According to the World Health Organisation, around 1.25 million people die each year as a result of road traffic accidents of which, nearly half of those dying are known as ‘vulnerable road users’, such as pedestrians, cyclists, and motorcyclists. It is predicted that without sustained action, road traffic crashes will become the seventh leading cause of death by 2030.  As a result, measures are being put in place in an attempt to reduce the number accidents in the UK.

As of 24th April 2017, the way in which speeding fines are calculated has changed. Under the new rules, drivers can be charged up to 175 percent of their weekly wage for a major offence or up to 50 percent for a minor breach of the speed limit.

It’s not always true that the faster you drive the more likely you are to cause an accident. However, research has shown an increase in average speed is directly related both to the likelihood of a crash occurring and to the severity of the injuries obtained. The World Health Organisation estimates that an increase of 1 km/h in the average vehicle speed results in an increase of 3% in the incidence of crashes resulting in injury and an increase of 4-5% in the incidence of fatal crashes.

Injuries can vary massively, from a few cuts and bruises to whiplash and other soft tissue injuries, to fractures or in the worst of scenarios the injuries can be fatal.

The hope is that these penalty increases will make people think again before risking going above that speed limit, reducing the number of road traffic accidents.


How the new speeding fines are calculated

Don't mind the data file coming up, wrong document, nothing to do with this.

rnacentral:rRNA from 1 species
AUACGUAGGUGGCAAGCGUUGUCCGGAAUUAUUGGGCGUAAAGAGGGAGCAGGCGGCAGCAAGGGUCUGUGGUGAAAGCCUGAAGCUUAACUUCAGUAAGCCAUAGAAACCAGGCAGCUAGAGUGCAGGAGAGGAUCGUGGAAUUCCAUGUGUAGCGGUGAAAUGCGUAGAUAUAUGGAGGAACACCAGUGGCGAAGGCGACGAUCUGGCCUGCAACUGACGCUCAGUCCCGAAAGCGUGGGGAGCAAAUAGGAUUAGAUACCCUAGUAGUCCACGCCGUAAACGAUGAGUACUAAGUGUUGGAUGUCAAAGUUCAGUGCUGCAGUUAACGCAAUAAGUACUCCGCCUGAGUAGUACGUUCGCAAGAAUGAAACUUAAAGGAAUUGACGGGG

Fines are calculated by reference to an individual’s relevant weekly income. Once that sum has been determined by the court (which requires the provision of financial information by a person convicted of an offence punishable by a fine), the court must then determine, by reference to the sentencing guideline, which Band the offence falls into, ranging from Band A to Band C (with Band C being the most serious). Each Band sets a suggested percentage of the relevant weekly income to impose as a fine.

The most significant change effected by the new rules is the percentage that can be applied by the court in the most serious of speeding cases. Prior to 24 April, the starting point for offenders who fell within Band C was usually a sum equivalent to 100% of their relevant weekly income. From the 24 April, however, that starting point has increased to 150%, with the range extending to 175% in particularly serious cases. As an example, if your relevant weekly income is, say, £400.00, then your potential fine increases from that sum (being 100% of your relevant weekly income) to £600.00 (150%) or even £700.00 (175%) if the offence is particularly serious. That is before the prosecution costs and victim surcharge is applied.


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